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Brazil firms lean on FX, debt dynamics as slump lingers

By Brad Haynes and Bruno Federowski

By Brad Haynes and Bruno Federowski

SAO PAULO (Reuters) - Falling debt costs and a steadier Brazilian currency bolstered some companies' third-quarter earnings but the results disappointed hopes for signs of a recovery in the country's recession-bound economy.

Brazil's benchmark Bovespa stock index <.BVSP> has rallied nearly 40 percent in 2016, despite the worst recession since the 1930s, as investors welcomed a new center-right government's agenda of fiscal reforms and readied for an economic rebound.

While renewed investor confidence has brought down many Brazilian firms' financing costs, helping them turn a profit, the earnings season wrapping up this week showed little evidence that surging confidence has translated into more economic activity.


Revenue at three-quarters of the non-financial companies on the Bovespa index failed to keep pace with annual inflation, according to a Reuters analysis of securities filings.

About half the companies posted stronger net income, helped in most cases by easing financial expenses due to cheaper hedging, lower borrowing costs and cash from asset sales.

The election of Donald Trump as the next U.S. president has thrown into doubt the financial tailwinds that provided a silver lining in recent earnings.

Brazil's currency <BRL=> has lost 8 percent in the last seven sessions as Trump's election shook Latin American markets and added to bets on a coming U.S. interest rate hike.

If those expectations are confirmed, Brazilian companies may not be able to rely so much on cheaper debt and easier hedging.

"The turnaround until now has been really influenced by the currency and lower financing costs," said Andrew Campbell, head of equity strategy at Credit Suisse. "But to have a more sustainable trend or establish a full recovery requires contributions from more domestic sectors."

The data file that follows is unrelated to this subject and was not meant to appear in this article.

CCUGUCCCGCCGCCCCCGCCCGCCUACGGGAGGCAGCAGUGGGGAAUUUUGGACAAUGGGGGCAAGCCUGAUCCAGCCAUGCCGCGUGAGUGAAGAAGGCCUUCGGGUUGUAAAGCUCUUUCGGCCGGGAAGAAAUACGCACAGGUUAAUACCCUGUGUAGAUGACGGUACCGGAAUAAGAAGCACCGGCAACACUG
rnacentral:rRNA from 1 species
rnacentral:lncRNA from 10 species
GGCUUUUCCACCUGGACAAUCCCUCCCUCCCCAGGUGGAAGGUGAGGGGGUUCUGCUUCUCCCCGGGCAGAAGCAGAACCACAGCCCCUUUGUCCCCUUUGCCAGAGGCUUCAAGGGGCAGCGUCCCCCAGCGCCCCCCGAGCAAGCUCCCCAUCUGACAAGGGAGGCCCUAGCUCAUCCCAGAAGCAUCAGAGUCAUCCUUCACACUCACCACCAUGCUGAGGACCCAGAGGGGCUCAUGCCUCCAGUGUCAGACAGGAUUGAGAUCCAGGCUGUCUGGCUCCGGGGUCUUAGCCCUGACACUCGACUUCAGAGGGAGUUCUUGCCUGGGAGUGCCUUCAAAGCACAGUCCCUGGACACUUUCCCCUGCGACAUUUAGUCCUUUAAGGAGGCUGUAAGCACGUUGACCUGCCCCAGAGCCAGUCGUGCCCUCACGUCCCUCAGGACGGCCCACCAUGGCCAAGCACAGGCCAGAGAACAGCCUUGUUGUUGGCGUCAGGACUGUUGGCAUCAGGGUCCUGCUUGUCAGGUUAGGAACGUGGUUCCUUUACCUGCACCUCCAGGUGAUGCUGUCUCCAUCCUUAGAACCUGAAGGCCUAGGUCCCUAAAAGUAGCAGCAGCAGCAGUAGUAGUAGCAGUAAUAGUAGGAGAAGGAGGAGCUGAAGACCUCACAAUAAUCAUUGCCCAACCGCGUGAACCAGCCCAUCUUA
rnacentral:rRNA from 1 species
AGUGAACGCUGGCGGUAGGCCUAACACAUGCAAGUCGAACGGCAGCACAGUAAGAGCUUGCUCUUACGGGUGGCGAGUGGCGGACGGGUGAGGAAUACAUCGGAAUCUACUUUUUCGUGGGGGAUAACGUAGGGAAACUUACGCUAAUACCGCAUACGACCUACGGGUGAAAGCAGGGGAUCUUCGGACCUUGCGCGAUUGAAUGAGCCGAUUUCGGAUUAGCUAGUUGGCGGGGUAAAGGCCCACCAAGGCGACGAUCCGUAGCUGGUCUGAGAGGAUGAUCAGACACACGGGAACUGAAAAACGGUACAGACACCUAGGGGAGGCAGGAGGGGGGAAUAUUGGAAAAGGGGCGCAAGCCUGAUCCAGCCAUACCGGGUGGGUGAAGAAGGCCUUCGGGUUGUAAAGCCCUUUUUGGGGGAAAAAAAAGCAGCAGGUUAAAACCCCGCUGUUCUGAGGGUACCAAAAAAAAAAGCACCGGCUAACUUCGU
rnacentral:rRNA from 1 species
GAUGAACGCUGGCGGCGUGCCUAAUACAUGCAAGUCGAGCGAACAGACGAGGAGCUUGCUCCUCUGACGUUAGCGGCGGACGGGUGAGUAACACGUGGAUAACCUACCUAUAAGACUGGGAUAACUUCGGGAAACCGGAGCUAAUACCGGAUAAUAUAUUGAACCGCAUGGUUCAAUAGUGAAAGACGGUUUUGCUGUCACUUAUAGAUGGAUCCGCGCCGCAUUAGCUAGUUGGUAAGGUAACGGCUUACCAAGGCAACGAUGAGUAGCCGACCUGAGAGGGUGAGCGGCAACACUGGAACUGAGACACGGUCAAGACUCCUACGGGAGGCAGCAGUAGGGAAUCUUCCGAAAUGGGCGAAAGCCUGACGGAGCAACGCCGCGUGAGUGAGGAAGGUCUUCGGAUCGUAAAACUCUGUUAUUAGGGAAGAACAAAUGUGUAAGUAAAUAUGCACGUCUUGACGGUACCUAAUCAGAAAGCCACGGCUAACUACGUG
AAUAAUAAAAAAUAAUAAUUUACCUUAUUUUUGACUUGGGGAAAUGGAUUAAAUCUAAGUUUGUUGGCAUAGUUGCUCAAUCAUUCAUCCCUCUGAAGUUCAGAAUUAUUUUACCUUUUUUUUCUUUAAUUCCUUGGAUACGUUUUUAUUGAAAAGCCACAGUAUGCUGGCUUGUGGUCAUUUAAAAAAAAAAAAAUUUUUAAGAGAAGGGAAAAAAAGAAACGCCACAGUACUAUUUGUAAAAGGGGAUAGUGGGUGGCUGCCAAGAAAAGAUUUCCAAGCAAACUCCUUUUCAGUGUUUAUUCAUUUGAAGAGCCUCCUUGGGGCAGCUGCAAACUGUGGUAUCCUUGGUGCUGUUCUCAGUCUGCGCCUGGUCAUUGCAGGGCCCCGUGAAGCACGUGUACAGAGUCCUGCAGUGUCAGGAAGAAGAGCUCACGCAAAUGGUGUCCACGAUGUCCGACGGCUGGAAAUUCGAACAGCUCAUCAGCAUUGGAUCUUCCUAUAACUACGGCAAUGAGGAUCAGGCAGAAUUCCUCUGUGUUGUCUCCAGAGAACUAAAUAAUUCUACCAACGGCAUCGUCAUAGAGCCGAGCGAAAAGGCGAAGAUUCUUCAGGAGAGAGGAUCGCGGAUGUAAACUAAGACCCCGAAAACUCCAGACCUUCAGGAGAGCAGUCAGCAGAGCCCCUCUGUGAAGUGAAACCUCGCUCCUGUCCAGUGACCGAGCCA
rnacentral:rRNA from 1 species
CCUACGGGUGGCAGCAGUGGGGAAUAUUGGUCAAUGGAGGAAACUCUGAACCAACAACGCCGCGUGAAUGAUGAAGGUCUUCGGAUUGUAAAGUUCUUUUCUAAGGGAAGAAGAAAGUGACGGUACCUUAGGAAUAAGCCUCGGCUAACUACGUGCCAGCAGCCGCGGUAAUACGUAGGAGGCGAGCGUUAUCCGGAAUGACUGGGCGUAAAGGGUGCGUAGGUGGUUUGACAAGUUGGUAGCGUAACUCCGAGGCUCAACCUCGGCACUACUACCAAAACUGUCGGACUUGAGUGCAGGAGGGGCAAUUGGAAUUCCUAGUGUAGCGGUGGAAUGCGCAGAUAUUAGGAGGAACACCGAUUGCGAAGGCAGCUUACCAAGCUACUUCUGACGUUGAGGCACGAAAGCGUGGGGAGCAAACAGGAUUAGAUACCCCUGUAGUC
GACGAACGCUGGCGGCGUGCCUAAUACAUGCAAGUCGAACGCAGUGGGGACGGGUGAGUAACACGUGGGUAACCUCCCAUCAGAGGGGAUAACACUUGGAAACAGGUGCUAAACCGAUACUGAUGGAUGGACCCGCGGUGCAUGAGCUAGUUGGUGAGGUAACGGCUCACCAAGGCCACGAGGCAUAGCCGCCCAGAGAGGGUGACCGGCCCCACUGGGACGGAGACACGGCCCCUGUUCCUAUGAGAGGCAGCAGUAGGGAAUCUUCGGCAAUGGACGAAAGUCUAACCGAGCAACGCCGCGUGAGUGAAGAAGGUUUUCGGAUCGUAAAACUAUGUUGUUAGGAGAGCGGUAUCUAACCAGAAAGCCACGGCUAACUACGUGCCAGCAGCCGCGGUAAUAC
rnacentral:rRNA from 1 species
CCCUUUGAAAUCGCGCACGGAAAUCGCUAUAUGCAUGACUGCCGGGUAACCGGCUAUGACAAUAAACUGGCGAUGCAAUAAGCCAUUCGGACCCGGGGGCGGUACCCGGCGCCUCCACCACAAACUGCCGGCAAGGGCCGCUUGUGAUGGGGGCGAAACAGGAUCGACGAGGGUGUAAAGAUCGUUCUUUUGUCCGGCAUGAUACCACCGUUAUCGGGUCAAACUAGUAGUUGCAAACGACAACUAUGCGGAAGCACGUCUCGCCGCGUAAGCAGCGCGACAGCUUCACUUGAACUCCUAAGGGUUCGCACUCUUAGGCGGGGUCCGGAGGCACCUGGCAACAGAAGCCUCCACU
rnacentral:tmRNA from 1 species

Cheaper borrowing helped electric utilities such as EDP Energias do Brasil <ENBR3.SA> and toll road operators including Ecorodovias Infraestrutura e Logistica SA <ECOR3.SA> more than double their net income despite stagnant demand last quarter.

Commodity exporters from wood pulp producer Fibria Celulose SA <FIBR3.SA> to iron ore miner Vale SA <VALE5.SA> also swung to profit in the third quarter from net losses a year ago, as a steady exchange rate kept a lid on the cost of foreign debts.


With the economy still weak, third-quarter revenue at companies covered by analysts at Banco BTG Pactual SA, excluding Petrobras and Vale, was 0.4 lower than average analyst expectations.

Net income, thanks in part to lower financial costs, came in 6.7 percent above estimates, according to a report.

For sectors more sensitive to consumer demand, however, cheaper debt was not enough to offset the ongoing slump.

Retail giant GPA SA <PCAR4.SA> more than doubled its loss from a year ago as it relied on deeper discounts to draw traffic to supermarkets. Lojas Renner SA <LREN3.SA>, the star performer among Brazil's apparel chains in recent years, reported its first annual decline in comparable sales figures since 2009.

Meat processors BRF SA <BRFS3.SA> and JBS SA <JBSS3.SA> both posted huge drops in net income, while drinks giant Ambev SA <ABEV3.SA> scrapped a target of flat Brazilian sales this year.

Telecommunications companies laid plans to carry a painful turnaround forward, with TIM Participações SA <TIMP3.SA> laying off staff and Telefonica Brasil SA <VIVT4.SA> cutting its target for capital spending as both struggled with weak demand.

Lower capital spending cut across sectors, with struggling firms from cosmetics maker Natura SA <NATU3.SA> to steelmaker Gerdau SA <GGBR4.SA> dialing back investment as caution overrides hopes for a swift rebound.

To be sure, falling inflation is expected to spur a string of interest rate cuts by Brazil's central bank next year, which should spur consumer demand and encourage more corporate investment. Recent refinancing and paying down of debt also leaves room for an eventual resurgence of capital spending.

Yet the short-term outlook remains challenging, even for the industrial firms expected to benefit first from the investment-led recovery that economists are forecasting.

Electric motor maker WEG SA <WEGE3.SA>, for instance, reported slipping sales and net profit in the third quarter. The company cut investment in the quarter to a five-year low and gave up on its 2016 capital spending target.

"There are reasons for cautious optimism, but in practice there has still been no change," WEG executive Andre Luis Rodrigues told analysts on an earnings call.

(Reporting by Brad Haynes and Bruno Federowski; Editing by Christian Plumb and Nick Zieminski)